What’s more important: what a team has conclusively accomplished on the field or what some people think that team might possibly do in future games?
That suddenly is a huge factor for the College Football Playoff committee as it weighs the implications of Ohio State losing Heisman Trophy candidate J.T. Barrett to a season-ending ankle injury and being left with untested sophomore Cardale Jones as its quarterback.
For the moment, the committee hasn’t done anything. Ohio State predictably sits in the No. 5 slot, moving up one place after Mississippi State’s loss.
But what if Ohio State defeats Wisconsin in the Big Ten title game in Indianapolis, yet Jones clearly struggles in his first start? How will the committee react then?
The committee is perfectly entitled to hammer the Buckeyes in the rankings and drop them out of sight. That authority was extended in the protocol that has been posted all season long on the CFP website.
It’s the fifth and final “principle” that’s to be considered—after conference championships won, strength of schedule, head-to-head competition and comparative outcomes of common opponents—and reads: “Other relevant factors such as key injuries that may have affected a team’s performance during the season or likely will affect its postseason performance.”
And it needs to be erased.
Injuries are a huge part of sports, and to suddenly wipe out a team’s drive for a championship because one player has been hobbled is totally contrary to the fundamental belief that anything can happen once the game kicks off. It’s also like taking points off the board in a game that has been completed.
Imagine if Peyton Manning cracked a couple of ribs just before the NFL playoffs, and NFL commissioner Roger Goodell responded by removing a division-winning Broncos team from the postseason. It’s too ridiculous to even consider, yet the CFP committee has that option.
No matter who gets hurt, it shouldn’t undo the victories a team has amassed. The Buckeyes can log a 12th win on Saturday, and if they miss the playoffs, it should be because they lost to a vastly mediocre Virginia Tech team at home—not because they’ve had to dip into their depth chart.
The same Ohio State team that’s being questioned because of Barrett’s injury is also the one that proved a season-ending setback to a star quarterback can be overcome.
Hardly anyone knew who Barrett was back in August, before the Buckeyes lost Braxton Miller, their two-time Big Ten Offensive Player of the Year, to a shoulder injury.
Should injuries play a role in team rankings?
Can Jones make the same magical ascent as Barrett? I have no idea, and neither does the committee. What is definite is that he has been in Urban Meyer’s offensive system for three years, and that if Ohio State gets past Wisconsin, he’d have nearly a month to prepare for the playoff.
But heaping the decision about Ohio State’s future solely onto Jones’ shoulders misses the point. He could have a three-interception game, like Blake Sims did for No. 1-ranked Alabama last Saturday against Auburn, and still see his team win.
No one is going to seek Oregon’s playoff ouster if Marcus Mariota is so-so in the Pac-12 championship tilt against Arizona, as long as the Ducks win. The same applies to TCU’s Trevone Boykin against Iowa State.
But Ohio State has reason to be very nervous.
The playoff committee has shown a willingness to run against the grain, and some might say extremely so.
The committee dropping Florida State to No. 4 was flat-out a rogue move. The defending national champions are wobbling as they edge closer and closer to a second consecutive undefeated season, but dropping them behind three once-beaten teams shows the committee has little regard for traditional ranking methodology.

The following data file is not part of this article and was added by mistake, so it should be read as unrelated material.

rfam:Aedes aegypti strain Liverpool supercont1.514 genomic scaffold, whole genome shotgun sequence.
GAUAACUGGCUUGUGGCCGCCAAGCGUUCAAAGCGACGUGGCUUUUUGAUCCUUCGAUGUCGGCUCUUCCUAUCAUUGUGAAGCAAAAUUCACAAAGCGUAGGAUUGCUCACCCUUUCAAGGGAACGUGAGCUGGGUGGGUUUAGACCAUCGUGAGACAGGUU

Similarly, reading the collective mind of the committee is even more difficult with TCU ranked two spots ahead of No. 6 Baylor. Baylor beat TCU, but the protocol principle of valuing head-to-head competition seems to be getting ignored.
The committee chairman, Arkansas athletics director Jeff Long, shed precious little light on Ohio State’s situation when the latest rankings were unveiled on ESPN.
Long said Barrett’s injury “has not impacted” Ohio State’s ranking yet, but he added that, “It will be evaluated in this last game.”
Florida State coach Jimbo Fisher thinks that’s one of several things that are wrong with the way rankings are being conducted this season, as Fisher told reporters regarding Barrett’s injury and the rankings:
It should have no bearing. Their body of work and what they do should be measured. It's not figure skating. If Ohio State wins the game and does what they're supposed to do and that's what they feel is right, they should put them in there. Their other quarterback got hurt and they put him in and he did pretty well. They have one loss and they've done pretty well. To me, that is total craziness if you think that way.
If Barrett’s injury proves to be a hurdle the Buckeyes can’t clear, the committee will hear from Coach Meyer. And loudly so.
Contemplating that possibility, Meyer told Doug Lesmerises of Cleveland.com before this week’s rankings were announced, "I think that's wrong, if that happens. If it's Ohio State or some other team, I don't know how—it's strictly how you play."
Added Meyer, "You're the champion of the Big Ten Conference, you lose one Heisman Trophy candidate before the season and another one in [Game 12] that is also a Heisman candidate. I think that's almost a positive, that your team can still go function, and it tells you about the players and talent on your team."
Meyer has it right. Suppose Jones is downright awful against Wisconsin, but Ohio State still finds a way to win via the rushing game, air-tight defense and special teams precision.
Doesn’t that speak to the talent level of the rest of the Buckeyes, and isn't football still a team sport?
Tom Weir covered college football as a columnist for USA Today.